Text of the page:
In 1783, the inaugural hot air balloon flight – with a sheep, rooster, and duck as passengers – gave the term “animal testing” a new meaning. Although they didn’t know it, the animals became instant heroes in the history of hot air ballooning. Although it only lasted a few minutes, that first flight proved successful, and it is credited with launching hot air ballooning as a popular (human) sport enjoyed worldwide today.
History In The Making
After spending quite some time preparing the first hot air balloon for flight, French inventors (and brothers) Jacques-Etienne Montgolfier and Joseph-Michel Montgolfier were excited to test the balloon before curious onlookers. But unlike many “firsts” in flight history, there were no humans aboard this balloon. Instead, the balloon was occupied by just a duck, rooster, and sheep. The animals were launched before a cheering crowd of about 130,000 curious spectators, including the king of France. Prior to the initial flight, the king had suggested using prisoners as test passengers. However, the Montgolfier brothers opted to use animals instead. Their rationale was that the sheep would have a similar physical and psychological response to flight that a human would have. The birds were selected as natural choices because they could fly. Once the balloon was launched, it remained in the air for about eight minutes before returning without incident to the ground. This first flight, although short, gave the Montgolfier brothers enough confidence to send humans into the air. The first human to board the hot air balloon was a chemistry professor named Jean-Francois Pilatre de Rozier. Flying in a balloon tethered to the ground, the professor flew for four minutes before the balloon was brought back down. Sadly, Pilatre de Rozier was later killed in a hot air balloon crash. Despite the loss, the Montgolfier brothers continued improving the balloon. In 1784 the first commercial hot air balloon, which could hold seven passengers, was launched.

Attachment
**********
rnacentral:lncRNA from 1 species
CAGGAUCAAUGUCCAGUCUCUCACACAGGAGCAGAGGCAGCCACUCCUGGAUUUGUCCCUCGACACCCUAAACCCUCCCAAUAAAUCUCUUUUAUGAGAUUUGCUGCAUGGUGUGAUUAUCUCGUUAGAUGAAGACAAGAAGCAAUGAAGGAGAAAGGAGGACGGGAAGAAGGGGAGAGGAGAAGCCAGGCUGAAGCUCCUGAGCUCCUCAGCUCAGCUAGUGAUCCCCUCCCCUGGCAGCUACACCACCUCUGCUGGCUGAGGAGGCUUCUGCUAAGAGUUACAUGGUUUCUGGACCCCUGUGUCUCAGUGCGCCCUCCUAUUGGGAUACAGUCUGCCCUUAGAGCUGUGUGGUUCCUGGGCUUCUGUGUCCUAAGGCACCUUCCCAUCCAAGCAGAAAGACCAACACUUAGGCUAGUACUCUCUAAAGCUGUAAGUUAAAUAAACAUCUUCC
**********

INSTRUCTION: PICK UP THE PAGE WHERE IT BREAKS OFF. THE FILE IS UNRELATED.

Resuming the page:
The Evolution Of Hot Air Ballooning
Hot air ballooning has come a long way since the initial test flight. Today, Vegas hot air balloons carry anywhere from one to over a dozen paying passengers for rides that last about 45-60 minutes. Balloons fly at an altitude between 1,200 and 3,000 feet. You can rest assured that modern balloon rides are much safer too, as they are flown by certified pilots, not farm animals!
With thousands of enthusiasts worldwide, hot air ballooning is a sport that’s here to stay. Impressive records in height and flying distance are continually broken by pilots looking to test the limits, which means there’s never a dull moment in the sport. If you’ve never had the privilege of experiencing a hot air balloon ride, now is your chance to write your own chapter in the history of hot air ballooning and sign up for a ride!